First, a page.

gms | German Medical Science

56. Jahrestagung der Deutschen Gesellschaft für Neurochirurgie e. V. (DGNC)
3èmes journées françaises de Neurochirurgie (SFNC)

Deutsche Gesellschaft für Neurochirurgie e. V.
Société Française de Neurochirurgie

07. bis 11.05.2005, Strasbourg

A prospective randomized comparison of rectangular titanium cage fusion and iliac crest autograft fusion in anterior cervical discectomy

Ein prospektiver, randomisierter Vergleich von rechteckigen Titancages und autologem Beckenkammspan bei der ventralen zervikalen Diskektomie

Meeting Abstract

  • corresponding author C. Thomé - Neurochirurgische Klinik, Universitätsklinikum Mannheim
  • O. Leheta - Neurochirurgische Klinik, Universitätsklinikum Mannheim
  • J. K. Krauss - Neurochirurgische Klinik, Universitätsklinikum Mannheim
  • D. Zevgaridis - Neurochirurgische Klinik, Universitätsklinikum Mannheim

Deutsche Gesellschaft für Neurochirurgie. Société Française de Neurochirurgie. 56. Jahrestagung der Deutschen Gesellschaft für Neurochirurgie e.V. (DGNC), 3èmes journées françaises de Neurochirurgie (SFNC). Strasbourg, 07.-11.05.2005. Düsseldorf, Köln: German Medical Science; 2005. Doc09.05.-10.03

The electronic version of this article is the complete one and can be found online at:

Published: May 4, 2005

© 2005 Thomé et al.
This is an Open Access article distributed under the terms of the Creative Commons Attribution License ( You are free: to Share – to copy, distribute and transmit the work, provided the original author and source are credited.




To compare clinical outcome and fusion rates of iliac crest autografts (IC) and rectangular titanium cages (RTC) in anterior cervical discectomy (ACD).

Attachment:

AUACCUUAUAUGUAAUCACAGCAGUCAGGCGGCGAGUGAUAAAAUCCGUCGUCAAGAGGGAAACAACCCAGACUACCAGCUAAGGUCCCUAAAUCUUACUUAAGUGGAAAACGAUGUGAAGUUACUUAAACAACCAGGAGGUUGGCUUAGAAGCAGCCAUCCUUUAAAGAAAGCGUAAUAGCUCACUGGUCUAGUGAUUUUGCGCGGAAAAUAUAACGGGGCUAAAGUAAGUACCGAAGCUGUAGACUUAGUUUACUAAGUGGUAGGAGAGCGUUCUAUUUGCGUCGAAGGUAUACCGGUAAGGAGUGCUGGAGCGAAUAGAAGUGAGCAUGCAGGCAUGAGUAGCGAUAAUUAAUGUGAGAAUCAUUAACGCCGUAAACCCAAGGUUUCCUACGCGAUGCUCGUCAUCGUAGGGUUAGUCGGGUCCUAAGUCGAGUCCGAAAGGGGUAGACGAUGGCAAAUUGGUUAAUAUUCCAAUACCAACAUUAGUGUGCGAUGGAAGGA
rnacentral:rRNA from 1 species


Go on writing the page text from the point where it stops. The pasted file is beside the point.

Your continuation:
100 consecutive patients with mono- or bisegmental cervical disc disease refractory to adequate conservative treatment were randomized to the two treatment arms (IC/RTC). Pain was self-assessed overall and separately for head, neck, arm and donor site (VAS). Myelopathy was documented according to JOAS and Nurick Score. Outcome was analyzed using Odom criteria, SF-36 and patient satisfaction. Fusion rates were assessed using standard and flexion/extension radiographs. Follow-up of 12 months was available for 95 patients.


Donor site morbidity at the IC graft site interfered with patient expectations in the first postoperative weeks, but did not significantly affect clinical outcome at 12 months. Residual overall pain was rated higher by IC patients (3.3±2.5) compared to RTC patients (2.2±2.4; p<0.05) after 12 months. While arm and head pain were minimal in both groups, neck pain proved to be the predominant postoperative symptom (2.7±2.5 (IC) vs. 1.9±2.1 (RTC)), that resolved completely in only 67% (RTC) and 48% (IC) of patients (p<0.05). Myelopathy improved comparably in both groups. Regardless of the higher rate of residual pain in IC patients, patient satisfaction and SF-36 did not reveal significant differences between groups leaving only 4 of 47 IC patients (8%) and 5 of 48 RTC patients (10%) unsatisfied. 75% (IC) and 79% (RTC) of patients experienced good to excellent functional recovery according to Odom criteria. Fusion rates were 81% (IC) and 74% (RTC; p>0.05).


Neck pain proved to be the predominant postoperative symptom in both groups. Fusion rates and functional outcome 12 months after ACD are comparable between IC and RTC. The use of rectangular cages, however, avoids donor site morbidity and reduces overall pain and thus seems to be an advantageous treatment alternative.